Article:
This The Flash review contains spoilers.
The Flash Season 6 Episode 13
It’s not clear why The Flash decided to follow up the long-awaited introduction of Sue Dearbon—and one of its best episodes of the season, to boot—with an hour that finds Barry Allen trapped in the mind of a giant genius gorilla, but that’s where we are, folks. And it’s not exactly great.
Here’s the thing: You’re either the type of person that enjoys a Gorilla Grodd-themed The Flash episode, or you aren’t. There’s not a ton of middle ground, especially in an hour like this one, in which various members of The Flash cast take turns “speaking” as Grodd, presumably because the show spent all its money on special effects back during the Crisis on Infinite Earths crossover.
Personally, Gorilla Grodd stories tend not to be my favorite thing, even though there’s always something fun about the inherent silliness of watching giant CGI animals like Grodd or King Shark fight our The Flash faves. This time, we do get a bizarre but wildly entertaining sequence in which Barry and Grodd merge minds—and physical forms—to fight Solovar, because he’s serving as the gatekeeper to the mental prison in which both find themselves.
Don’t get me wrong, this sequence is actually a ton of fun to watch, but it also isn’t entirely worth the journey it took to reach this moment, because almost everything that led up to it is so clunky and ham-fisted in terms of its overall narrative.
The basic idea behind “Grodd Friended Me” is pretty simple—and it’s a story The Flash has told before. Former villain suddenly wants to make good, because reasons. And Barry, trapped in Grodd’s mind thanks to a technological error on the part of apparent new Team Flash member Chester P. Runk, must decide whether or not to believe his change of heart is legit.
Given that Barry and the rest of Team Flash have embraced a wide variety of former rogues and villains in the past, including Caitlin’s formerly murderous dark alter ego, as well as Captain Cold, Heatwave and King Shark, this shift shouldn’t seem that strange. (After all the gang even let Amunet Black go, like, two weeks ago—and she was barely what you could call repentant.) Here, however, Barry is reluctant to take Grodd’s word at face value. Like really reluctant.
There’s an interesting story somewhere under all this, one in which Barry is paralyzed by all the changes Crisis on Infinite Earths has wrought in the world he thought he knew. Oliver’s death is just the tip of the iceberg for him—he can’t even find where his parents are buried in this new reality. There’s something almost heartbreaking about the idea that Barry’s so desperate to hang on to the world he had, that he can’t see that this Grodd might have truly changed. Because in his world, Grodd is evil, and that’s all he’ll ever be.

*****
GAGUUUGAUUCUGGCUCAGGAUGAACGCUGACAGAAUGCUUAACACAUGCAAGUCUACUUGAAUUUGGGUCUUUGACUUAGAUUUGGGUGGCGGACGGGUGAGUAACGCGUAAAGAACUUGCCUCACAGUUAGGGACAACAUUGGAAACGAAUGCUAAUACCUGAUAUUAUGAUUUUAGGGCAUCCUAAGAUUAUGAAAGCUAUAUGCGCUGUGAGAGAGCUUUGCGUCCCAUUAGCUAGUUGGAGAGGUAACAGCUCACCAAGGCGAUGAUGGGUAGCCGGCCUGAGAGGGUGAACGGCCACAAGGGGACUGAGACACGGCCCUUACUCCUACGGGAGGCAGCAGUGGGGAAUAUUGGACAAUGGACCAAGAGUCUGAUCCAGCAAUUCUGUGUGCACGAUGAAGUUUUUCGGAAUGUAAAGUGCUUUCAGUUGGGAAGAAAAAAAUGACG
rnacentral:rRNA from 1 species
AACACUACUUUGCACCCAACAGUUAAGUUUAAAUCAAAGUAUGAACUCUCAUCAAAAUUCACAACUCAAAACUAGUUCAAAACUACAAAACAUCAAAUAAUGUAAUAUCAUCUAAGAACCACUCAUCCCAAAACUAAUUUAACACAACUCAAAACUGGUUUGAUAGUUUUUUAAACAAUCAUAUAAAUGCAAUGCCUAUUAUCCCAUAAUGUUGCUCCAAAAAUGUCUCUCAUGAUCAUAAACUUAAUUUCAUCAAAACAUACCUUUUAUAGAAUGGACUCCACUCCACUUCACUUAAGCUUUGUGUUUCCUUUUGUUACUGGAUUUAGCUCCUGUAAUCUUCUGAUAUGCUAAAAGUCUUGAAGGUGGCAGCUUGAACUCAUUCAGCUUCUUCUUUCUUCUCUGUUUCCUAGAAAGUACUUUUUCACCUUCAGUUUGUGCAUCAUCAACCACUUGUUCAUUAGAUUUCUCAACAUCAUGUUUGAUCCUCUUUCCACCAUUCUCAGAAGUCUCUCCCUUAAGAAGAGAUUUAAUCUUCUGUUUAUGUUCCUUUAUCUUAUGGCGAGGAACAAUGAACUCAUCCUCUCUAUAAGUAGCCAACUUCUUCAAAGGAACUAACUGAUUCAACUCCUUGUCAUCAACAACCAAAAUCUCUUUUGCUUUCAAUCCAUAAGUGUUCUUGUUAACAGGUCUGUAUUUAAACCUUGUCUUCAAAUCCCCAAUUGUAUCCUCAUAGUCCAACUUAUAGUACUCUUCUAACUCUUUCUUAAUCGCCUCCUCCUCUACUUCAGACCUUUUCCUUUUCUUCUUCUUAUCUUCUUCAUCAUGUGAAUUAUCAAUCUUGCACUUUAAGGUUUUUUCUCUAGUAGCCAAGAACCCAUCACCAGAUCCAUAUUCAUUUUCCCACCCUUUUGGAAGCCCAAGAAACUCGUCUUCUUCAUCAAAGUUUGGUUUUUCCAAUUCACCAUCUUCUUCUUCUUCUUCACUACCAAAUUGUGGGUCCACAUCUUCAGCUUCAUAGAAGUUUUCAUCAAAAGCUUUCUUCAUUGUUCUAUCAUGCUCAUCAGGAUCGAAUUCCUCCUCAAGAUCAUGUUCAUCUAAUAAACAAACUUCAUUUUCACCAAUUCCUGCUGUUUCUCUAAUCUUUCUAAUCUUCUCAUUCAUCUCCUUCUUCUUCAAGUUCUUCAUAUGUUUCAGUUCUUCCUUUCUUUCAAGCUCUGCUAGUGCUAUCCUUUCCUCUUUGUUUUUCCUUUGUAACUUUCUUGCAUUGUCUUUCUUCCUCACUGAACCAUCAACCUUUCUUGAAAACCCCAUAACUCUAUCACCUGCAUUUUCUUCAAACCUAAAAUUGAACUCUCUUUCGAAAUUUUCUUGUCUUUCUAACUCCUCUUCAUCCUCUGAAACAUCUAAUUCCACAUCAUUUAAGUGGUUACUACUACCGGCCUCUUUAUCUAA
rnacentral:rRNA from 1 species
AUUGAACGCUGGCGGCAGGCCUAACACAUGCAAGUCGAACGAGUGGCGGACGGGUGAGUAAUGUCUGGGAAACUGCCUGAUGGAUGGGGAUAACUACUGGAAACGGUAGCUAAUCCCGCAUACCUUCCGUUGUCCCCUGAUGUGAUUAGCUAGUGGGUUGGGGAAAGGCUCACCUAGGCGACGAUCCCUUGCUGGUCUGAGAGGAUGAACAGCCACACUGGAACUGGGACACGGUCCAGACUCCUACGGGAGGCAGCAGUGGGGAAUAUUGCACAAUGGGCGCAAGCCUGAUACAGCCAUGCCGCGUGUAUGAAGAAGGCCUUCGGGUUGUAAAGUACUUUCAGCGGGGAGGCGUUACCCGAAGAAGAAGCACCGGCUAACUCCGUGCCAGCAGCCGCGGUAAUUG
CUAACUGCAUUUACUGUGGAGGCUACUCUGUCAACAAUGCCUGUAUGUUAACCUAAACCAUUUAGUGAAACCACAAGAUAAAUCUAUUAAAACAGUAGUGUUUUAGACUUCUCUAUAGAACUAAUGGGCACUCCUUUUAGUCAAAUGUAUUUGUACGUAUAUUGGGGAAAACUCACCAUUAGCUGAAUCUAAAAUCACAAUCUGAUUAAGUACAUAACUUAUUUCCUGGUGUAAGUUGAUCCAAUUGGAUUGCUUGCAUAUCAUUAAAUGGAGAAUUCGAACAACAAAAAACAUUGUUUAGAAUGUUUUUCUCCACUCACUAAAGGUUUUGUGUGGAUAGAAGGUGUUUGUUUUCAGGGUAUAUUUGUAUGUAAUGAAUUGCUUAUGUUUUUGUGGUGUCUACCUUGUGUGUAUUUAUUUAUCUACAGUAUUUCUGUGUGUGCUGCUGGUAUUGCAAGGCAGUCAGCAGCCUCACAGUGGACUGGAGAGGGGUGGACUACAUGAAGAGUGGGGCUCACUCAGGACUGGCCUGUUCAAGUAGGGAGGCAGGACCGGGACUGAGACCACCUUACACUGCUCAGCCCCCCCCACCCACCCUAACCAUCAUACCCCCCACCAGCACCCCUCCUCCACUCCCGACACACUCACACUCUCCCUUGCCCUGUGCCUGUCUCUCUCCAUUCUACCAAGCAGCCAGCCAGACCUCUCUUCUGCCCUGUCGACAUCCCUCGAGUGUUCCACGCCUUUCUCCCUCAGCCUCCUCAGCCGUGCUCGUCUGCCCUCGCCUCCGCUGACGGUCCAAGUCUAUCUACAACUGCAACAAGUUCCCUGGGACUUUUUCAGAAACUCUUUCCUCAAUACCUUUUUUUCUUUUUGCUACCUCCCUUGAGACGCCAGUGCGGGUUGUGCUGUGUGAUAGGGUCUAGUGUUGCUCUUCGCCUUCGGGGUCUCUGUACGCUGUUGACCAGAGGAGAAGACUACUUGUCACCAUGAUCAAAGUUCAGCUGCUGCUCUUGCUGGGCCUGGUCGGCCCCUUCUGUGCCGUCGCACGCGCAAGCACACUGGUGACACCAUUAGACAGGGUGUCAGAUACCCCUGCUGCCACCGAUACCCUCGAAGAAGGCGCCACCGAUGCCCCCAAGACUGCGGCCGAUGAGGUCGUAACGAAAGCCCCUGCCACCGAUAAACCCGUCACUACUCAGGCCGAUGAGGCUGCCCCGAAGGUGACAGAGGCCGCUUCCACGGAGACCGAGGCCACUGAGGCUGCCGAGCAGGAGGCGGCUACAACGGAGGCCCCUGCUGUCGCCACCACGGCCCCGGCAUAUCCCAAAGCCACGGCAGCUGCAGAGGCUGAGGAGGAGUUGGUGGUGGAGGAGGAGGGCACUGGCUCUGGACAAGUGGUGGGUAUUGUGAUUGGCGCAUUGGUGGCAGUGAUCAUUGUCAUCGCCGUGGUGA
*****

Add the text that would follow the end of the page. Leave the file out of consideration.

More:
The Flash, unfortunately, doesn’t really tell this story with anything like nuance. In fact, it barely focuses on Barry’s POV at all, instead spending time on forcing Killer Frost to spout more than her fair share of technical science babble about brainwave patterns and inexplicably cramming in something like an origin story for Chester’s time on the team. Barry’s clunky transition from anger over all the Crisis-spawned changes to acceptance that he has to move forward in this world he helped make takes place in about two minutes and feels largely unearned.
The only reason this story even slightly works is because of David Sobolov’s impressive vocal performance, which manages to infuse Grodd with something that sounds like an ancient and gravelly sorrow. Poor Grant Gustin gets precious little to work with, largely because it feels so strange to have Barry’s Crisis-driven PTSD coming four episodes in to the back half of the season. Between Diggle’s visit, Oliver’s mask, Cisco’s departure and multiple heart-to-hearts with Iris, it seems as though we should have gotten some hint about how much Barry was—and is, possibly—still struggling?
The general meh-ness of this episode is compounded by the fact that, for some reason, The Flash seems to feel like now is the time to test run Chester and Kamilla as potential Cisco replacements, which not only doesn’t make me feel better about those seemingly ever present rumors that Carlos Valdes is leaving the show, it also leaves me wondering just what The Flash is planning to do with all these characters they keep adding. (We’ve already gone weeks without Valdes and Hartley Sawyer this season, after all, and the show’s definitely been guilty of sidelining other faves in the past.)
Honestly, Kamilla works better as part of Team Central City Citizen, where she was well on her way to building her own arc and friendships away with the series’ other women. (Which, you know, is something the series desperately needs anyway.) Chester, at least, shows much more depth here than he did in his initial appearance. When the character’s not leaning so heavily into his fast-talking uber-nerd persona, he’s quite compelling, and interesting in a way that’s completely different from the rest of Team Flash. But does the canvas have the space for him?
Happily, “Grodd Friended Me” does one thing exactly right, and that’s keeping the mirror dimension storyline humming along even when it’s little more than the episode’s C plot. Sure, we still have no idea what Mirror Iris is trying to do out in the real world, and that’s probably to be expected at this point. But in just a handful of scenes, The Flash manages to reveal that she and Eva are definitely connected, confirm that Eva can affect things—or, at least, Mirror Iris—in our world, and illustrate that there’s a real streak of darkness hiding under Eva’s pitiably tragic and slightly crazy exterior. And if she’s a woman willing to burn her own flesh off to manipulate Iris into following her plan? I’m suddenly a lot more interested in finding out what that plan is.
Here’s hoping next week is back to form.